Tuesday 29 October 2013

Craftblogclub October Challenge Reveal

As we rapidly rush towards the end of October, it's now time to finally show off my product for October's #craftblogclub challenge. The challenge, discussed here on Emma Berry's blog, was to create a Halloween decoration using a craft we'd never tried before. Naturally, for me, that ruled out digital artwork, knitting, crochet, and jewellery. Plus, I also wasn't sure entirely what could be classified as a decoration. Should I make bunting? Confetti? Weird decorations for a seasonal take on a Christmas tree, this time decked out with spiders and bats?

I considered making felt decorations, as my sewing is a craft I need to improve and could therefore be considered a new craft, and also a papercraft response, but as the days began to run out, I decided to have a go at making something out of a glass jar to save time. My mum's marmalade comes in gorgeous straight-sided hexagonal jars, and I thought I'd use one for something. I did want to make a little witch and a cat out of polymer clay to do an updated version of a witch bottle, but I didn't have time, so instead I decided to do a twist on the traditional Halloween pumpkin.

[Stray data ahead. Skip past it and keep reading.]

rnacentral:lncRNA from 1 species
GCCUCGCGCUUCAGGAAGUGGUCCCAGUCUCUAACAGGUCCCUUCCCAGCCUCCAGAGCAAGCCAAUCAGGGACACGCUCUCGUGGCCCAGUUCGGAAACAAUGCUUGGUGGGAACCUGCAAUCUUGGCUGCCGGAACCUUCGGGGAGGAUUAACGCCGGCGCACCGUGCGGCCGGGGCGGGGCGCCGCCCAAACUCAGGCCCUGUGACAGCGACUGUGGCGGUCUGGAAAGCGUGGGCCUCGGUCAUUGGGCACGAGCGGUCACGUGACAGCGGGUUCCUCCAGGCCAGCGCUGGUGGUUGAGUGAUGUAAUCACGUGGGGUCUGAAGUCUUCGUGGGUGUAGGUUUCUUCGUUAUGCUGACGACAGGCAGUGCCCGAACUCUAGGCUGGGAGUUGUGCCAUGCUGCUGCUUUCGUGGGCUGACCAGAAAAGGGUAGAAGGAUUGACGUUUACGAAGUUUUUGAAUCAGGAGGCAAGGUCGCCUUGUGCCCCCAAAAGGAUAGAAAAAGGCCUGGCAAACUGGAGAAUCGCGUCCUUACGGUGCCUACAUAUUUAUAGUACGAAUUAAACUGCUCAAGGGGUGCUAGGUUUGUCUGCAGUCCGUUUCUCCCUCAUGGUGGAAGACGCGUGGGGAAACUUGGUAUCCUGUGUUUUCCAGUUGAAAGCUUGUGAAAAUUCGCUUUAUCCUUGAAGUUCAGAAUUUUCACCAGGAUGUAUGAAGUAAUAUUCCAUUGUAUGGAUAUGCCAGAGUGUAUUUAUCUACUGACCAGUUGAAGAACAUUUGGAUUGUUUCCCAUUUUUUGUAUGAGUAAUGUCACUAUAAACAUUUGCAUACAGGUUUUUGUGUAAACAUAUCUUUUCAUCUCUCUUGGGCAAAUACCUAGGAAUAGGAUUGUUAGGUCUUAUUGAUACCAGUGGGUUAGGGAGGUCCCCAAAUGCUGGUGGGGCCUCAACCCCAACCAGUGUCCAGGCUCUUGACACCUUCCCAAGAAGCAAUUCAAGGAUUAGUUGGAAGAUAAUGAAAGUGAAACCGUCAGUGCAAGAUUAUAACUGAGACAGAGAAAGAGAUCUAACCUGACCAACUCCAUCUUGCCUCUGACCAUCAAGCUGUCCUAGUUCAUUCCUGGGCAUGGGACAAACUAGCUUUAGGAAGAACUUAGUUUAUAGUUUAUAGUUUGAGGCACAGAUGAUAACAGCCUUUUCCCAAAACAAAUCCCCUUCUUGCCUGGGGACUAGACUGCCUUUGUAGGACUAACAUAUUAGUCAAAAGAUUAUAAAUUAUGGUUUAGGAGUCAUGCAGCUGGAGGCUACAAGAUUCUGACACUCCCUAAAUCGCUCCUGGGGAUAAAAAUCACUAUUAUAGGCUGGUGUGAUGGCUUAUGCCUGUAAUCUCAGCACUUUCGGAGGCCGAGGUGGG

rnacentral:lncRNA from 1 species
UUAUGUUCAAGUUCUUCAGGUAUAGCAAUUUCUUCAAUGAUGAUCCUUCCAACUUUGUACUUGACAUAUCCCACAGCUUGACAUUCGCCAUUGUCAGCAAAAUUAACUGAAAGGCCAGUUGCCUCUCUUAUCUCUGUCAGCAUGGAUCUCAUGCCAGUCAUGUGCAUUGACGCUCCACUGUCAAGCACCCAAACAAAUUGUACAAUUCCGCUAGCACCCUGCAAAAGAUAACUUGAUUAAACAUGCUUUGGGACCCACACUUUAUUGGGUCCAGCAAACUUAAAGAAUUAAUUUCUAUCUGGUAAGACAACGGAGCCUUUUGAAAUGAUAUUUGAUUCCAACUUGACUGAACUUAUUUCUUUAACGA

I've always wanted to carve a pumpkin, but as I don't actually like the vegetable itself, it seems like it would be a waste to buy one and throw away the parts I didn't use. So I decided to paint onto a jar, turning the transparent glass orange, except for the clear 'cut out' face. That way, I can burn a tea light inside and get the feel of a pumpkin without having to cut one up. I can also put it on the windowsill, something I wouldn't be able to do with a pumpkin.

Sure, the paintwork looks a bit shoddy, and I need to drill some more holes in the lid to make sure enough oxygen can get inside to keep the flame burning, but I think it's not entirely terrible for a first attempt!

What do you think?


Unknown said...

It looks awesome =) I love its mouth with the sticky out teeth! X

Katherine Hajer said...

I love it! I think the different thicknesses of paint really add to it when it's lit.

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